In developing communities around the planet, basic services that many of us take for granted are severely lacking. Need a spare part for a heater, a car or a water pump? Tough luck. Would the right-sized Allen key help get a simple job done? Too bad. When you’re in a technical jam, it’s great if you can just pop on down to your local hardware store … but that becomes incredibly problematic when your local hardware store is 300 miles away.
Now enter 3-D printing (additive manufacturing), plus an increase in global mobile Internet access, and all that entails …
3-D printers (and the appropriate 3-D scans) have the potential to give isolated, underserved communities the power to print something as basic as a hammer or as complex as a house or an artificial human limb. Talk about progress.
Brendan Dunphy, an expert in digital technologies and the developing world, and the co-founder of Africaiq.org, a non-profit organization providing free business intelligence for people investing in different parts of Africa, is a huge fan of the potential of 3-D printing. He believes this technology will “enable the local production of spare parts close to the point of need, alleviating many of the challenges currently faced due to the absence of such parts, or the high costs and delays associated with importing them.”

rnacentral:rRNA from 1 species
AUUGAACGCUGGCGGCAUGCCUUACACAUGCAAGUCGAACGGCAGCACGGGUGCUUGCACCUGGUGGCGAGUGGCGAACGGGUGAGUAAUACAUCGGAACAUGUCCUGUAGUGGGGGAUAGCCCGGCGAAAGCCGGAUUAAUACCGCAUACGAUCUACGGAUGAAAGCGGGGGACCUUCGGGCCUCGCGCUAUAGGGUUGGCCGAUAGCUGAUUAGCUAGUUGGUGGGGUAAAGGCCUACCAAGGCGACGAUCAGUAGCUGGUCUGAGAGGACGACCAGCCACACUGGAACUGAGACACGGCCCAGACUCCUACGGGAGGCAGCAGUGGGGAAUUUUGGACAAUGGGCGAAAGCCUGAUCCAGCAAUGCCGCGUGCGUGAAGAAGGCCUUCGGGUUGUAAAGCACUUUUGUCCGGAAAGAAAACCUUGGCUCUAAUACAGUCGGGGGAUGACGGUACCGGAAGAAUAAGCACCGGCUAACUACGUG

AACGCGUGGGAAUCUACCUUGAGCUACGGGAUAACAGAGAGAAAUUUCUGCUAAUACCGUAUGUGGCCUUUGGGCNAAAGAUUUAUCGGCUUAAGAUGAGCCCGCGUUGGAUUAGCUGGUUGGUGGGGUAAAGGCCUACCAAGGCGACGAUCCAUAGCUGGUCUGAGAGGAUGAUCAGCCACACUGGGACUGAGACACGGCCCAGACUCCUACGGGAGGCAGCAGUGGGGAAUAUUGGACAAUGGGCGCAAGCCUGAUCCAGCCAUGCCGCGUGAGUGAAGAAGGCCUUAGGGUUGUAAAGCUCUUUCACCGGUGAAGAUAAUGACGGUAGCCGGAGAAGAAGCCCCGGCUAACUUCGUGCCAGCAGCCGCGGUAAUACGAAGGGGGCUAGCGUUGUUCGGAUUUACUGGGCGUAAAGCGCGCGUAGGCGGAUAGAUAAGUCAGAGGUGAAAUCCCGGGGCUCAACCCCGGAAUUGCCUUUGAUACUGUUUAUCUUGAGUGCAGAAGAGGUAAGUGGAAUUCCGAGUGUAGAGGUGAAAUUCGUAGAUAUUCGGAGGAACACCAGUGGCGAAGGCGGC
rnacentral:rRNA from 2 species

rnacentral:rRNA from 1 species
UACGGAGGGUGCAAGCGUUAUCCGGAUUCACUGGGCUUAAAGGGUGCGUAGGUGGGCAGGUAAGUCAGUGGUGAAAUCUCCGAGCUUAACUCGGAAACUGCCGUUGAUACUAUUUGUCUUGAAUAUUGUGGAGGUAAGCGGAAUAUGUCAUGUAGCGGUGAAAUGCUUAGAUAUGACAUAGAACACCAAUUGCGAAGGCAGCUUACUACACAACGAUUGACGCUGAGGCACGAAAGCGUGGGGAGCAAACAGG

Nettlesome problems like official and unofficial tariffs, theft and an absence of the basic infrastructure (no roads, warehouses, etc.) needed to distribute goods can now be overcome with 3-D printers that are locally run and maintained.
According to Dunphy, traditional manufacturing companies have “little skin in the game” right now as far as providing spare parts for the developing world goes. Where present, traditional parts manufacturers will “have to be integrated into the 3-D value chain.” Otherwise they’ll just get in the way.
When it comes to patent protection and copyright affecting the ownership and use of 3-D scans, “gray” areas already exist. Some kind of battle (how fervent remains to be seen) could ensue — possibly through the courts — in an attempt to quell the proliferation of unofficial 3-D printed spare parts that arrive well ahead of their official versions. If you live in a remote spot and need a widget to get an engine working in order to run a business or provide an important service, would you really care if the part you’re using has the manufacturer’s stamp of approval or not?
Medicine, quality spare parts (instead of cheap and often dangerous or unhealthy imported knockoffs) and other vital resources could soon become available to developing communities limping by without out the material goods they need in order to get their respective economies growing. With mobile Internet and the falling costs of 3-D printing, smaller, struggling economies now have (or hopefully soon will have) a valuable tool that can help bring prosperity and development on a local level, built from the ground up.
Carl Pettit is a contributing journalist for TheBlot Magazine.